Merit Medal was instituted on June 25, 1888 by the sovereign of the Principality of Lippe Prince Woldemar (Günther Friedrich Woldemar, 18.04.1824-20.03.1895). Decoration that came in two classes and referred to as “Golden Merit Medal” (Goldene Verdienst-Medaille) and “Silver Merit Medal” (Silberne Verdienst-Medaille), was awarded to Lippe subjects and foreigners, both servicemen and state servants, for impeccable long service and merits for the state and its ruler. Most often it were state servicemen and court servants who were made holders of the decoration in question. However, Silver Merit Medal had once been bestowed upon Lippe subject who endangered his own life while rescuing other people in distress.
It’s worth mentioning here that Verdienst-Medaille became a required substitute for the medal of the same name instituted on October 25, 1869 by the joint Order of two monarchs – Prince of Lippe Leopold III (Paul Friedrich Emil Leopold zur Lippe, 01.09.1821-08.12.1875) and Prince of Schaumburg-Lippe Adolf I Georg (01.08.1817-08.05.1893), hence common to both tiny states. It was awarded for exceptional service to the Princes and to the principalities and was awarded in Gold and Silver classes. The latter was also presented as a lifesaving medal. Decorations with the Verdienst-Medaille discontinued since 1877, and the award instituted seven years later in Lippe could be regarded as its successor.
As for the Verdienst-Medaille of the Principality of Lippe instituted in 1888, it was presented to distinguished servicemen or state employees together with award certificate (Verleihungs-Dekret) hand signed by the Prince and copy of printed Statute.
Those found guilty of dishonourable deeds were deprived of the decoration and bestowal was declared void. Paragraph 5 of the statute stipulated that medal was to be returned to the Principality authorities after demise of its holder. Decoration was subsequently presented to another distinguished subject.
As mentioned above, on April 08, 1918 Silver Merit Medal suspended from a blue ribbon of the Lifesaving Medal (Silberne Verdienstmedaille am Band der Rettungsmedaille) was awarded to the Lippe worker Hans Sachs who repeatedly displayed courage and fearlessness while saving fellow citizen. Before that heroic act Sachs was already decorated with the Lifesaving Medal (Rettungsmedaille) on June 09, 1905.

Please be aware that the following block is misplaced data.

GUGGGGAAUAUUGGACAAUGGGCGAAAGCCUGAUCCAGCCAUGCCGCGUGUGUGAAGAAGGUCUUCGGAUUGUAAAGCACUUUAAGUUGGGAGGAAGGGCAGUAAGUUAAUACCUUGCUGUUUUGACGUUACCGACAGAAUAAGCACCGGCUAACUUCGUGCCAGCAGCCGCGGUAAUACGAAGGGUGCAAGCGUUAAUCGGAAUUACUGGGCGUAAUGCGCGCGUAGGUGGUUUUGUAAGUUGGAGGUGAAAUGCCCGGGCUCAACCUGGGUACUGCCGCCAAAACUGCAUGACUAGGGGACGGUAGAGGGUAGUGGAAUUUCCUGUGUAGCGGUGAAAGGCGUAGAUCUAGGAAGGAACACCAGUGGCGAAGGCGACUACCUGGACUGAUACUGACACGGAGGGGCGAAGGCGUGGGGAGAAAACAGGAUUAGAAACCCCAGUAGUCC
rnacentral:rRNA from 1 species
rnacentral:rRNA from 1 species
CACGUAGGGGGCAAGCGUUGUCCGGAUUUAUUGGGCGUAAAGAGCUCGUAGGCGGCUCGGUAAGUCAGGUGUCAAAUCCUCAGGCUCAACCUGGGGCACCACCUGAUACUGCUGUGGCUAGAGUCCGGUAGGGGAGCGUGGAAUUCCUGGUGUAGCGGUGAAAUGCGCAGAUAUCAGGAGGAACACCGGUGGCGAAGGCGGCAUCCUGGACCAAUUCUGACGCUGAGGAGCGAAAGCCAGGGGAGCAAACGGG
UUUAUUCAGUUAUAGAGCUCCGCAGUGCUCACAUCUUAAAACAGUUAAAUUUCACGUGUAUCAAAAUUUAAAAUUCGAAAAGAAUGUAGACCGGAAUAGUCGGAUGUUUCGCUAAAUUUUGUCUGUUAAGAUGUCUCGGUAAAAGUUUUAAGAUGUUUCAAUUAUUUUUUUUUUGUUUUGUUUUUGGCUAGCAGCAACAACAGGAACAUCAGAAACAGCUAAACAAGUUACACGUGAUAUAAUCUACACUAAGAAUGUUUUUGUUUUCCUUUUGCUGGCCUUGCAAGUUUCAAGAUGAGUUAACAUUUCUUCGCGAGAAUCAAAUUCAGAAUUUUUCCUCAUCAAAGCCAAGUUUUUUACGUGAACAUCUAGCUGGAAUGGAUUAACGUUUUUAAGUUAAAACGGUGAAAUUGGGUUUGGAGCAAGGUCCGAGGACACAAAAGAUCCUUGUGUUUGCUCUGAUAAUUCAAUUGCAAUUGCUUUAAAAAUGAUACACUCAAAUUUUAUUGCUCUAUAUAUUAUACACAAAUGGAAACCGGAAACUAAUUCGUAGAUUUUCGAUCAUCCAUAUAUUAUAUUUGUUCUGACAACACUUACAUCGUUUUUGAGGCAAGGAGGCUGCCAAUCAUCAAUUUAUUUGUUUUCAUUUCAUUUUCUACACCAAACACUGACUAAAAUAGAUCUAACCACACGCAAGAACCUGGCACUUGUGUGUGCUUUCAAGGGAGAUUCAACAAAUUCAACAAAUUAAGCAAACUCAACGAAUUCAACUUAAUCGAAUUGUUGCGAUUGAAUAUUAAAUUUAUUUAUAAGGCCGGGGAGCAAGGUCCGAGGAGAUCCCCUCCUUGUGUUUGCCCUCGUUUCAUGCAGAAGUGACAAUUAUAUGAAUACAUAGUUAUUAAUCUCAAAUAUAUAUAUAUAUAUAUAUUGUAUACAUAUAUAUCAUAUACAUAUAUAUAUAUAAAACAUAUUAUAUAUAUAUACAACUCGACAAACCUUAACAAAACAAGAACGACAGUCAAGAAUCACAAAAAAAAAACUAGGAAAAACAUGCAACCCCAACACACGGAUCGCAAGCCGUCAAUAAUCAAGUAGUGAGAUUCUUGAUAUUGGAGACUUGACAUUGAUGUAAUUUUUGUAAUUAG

Amendments to the Statute were introduced on September 24, 1906 by the last Prince of Lippe Leopold IV (Leopold Julius Bernhard Adalbert Otto Karl Fritz Georg Gustav zur Lippe, 30.05.1871-30.12.1949) who reigned from September 26, 1904 until November 12, 1918. Having succeeded to the throne on October 25, 1905 he had been initially governing the Principality since 1904 as regent. Thus, Paragraph 4 regulating awarding procedure of Golden and Silver medals as well as pattern of the award certificate was changed. Since then, Verdienst-Medaille was presented by the State Ministry according to the Order of the Lippe ruler.
Secondly, Leopold IV introduced additional distinction for frontline military personnel eligible for decoration with the Merit Medal who displayed exceptional courage in battles with enemy troops or excelled in individual achievements in the ranks of the mobilized State army. That combat clasp had a shape of two crossed swords, gilt or silver in colour, that were to be fixed to the ribbon of the Verdienst-Medaille.
Golden Merit Medal with gilt swords was awarded only twice: to Herr Hainkelmann on April 06, 1908 and Herr Grüttemeyer on April 24, 1908.
Six servicemen were made holders of the Silver Merit Medal with silver swords: Gefreiter Everding (27.07.1906); Reiter Biesemeyer (20.04.1907); Reiter Busse (18.05.1907); Sanitäts-Feldwebel Kenneke (25.08.190); Reiter Tölle (04.12.1907) and Sergeant Holzhausen (28.11.1906).
Medal dies were elaborated by the Prussian Royal Mint engraver Emil Weigand (20.11.1837-25.03.1906), well-known for his work on the Prussian Königgrätz Commemorative Cross and the Commemorative Medal for the 1866 Military Campaign of the Principality of Lippe.
An obverse with raised border showed bust of the Prince Woldemar facing right (or left, from the heraldic perspective) circumscribed “Woldemar Fürst zur Lippe” in capital letters. The year the award was instituted – “1888” – was placed at the bottom. Name of the medallist in small capital letters – “Weigand F.”, i.e. “Weigand fecit” (“Executed by Weigand”) – was situated just below the portrait of the monarch.
A reverse with raised border showed inscription “For Loyalty and Merits” (“Für Treue und Verdienst”) in capital letters running in four lines. It was surrounded with a wide oak wreath tied with a ribbon tie at the bottom. Initials of Emil Weigand (“E.W.”) were situated at the bottom, just below the tie.
Elegant princely crown was attached to the top of the Verdienst-Medaille with suspension ring being passed through the hole in the miniature orb just below the cross.
Medals and crowns, both “silver” and “gold”, were manufactured of silver. Surface of Golden Merit Medals was gilt.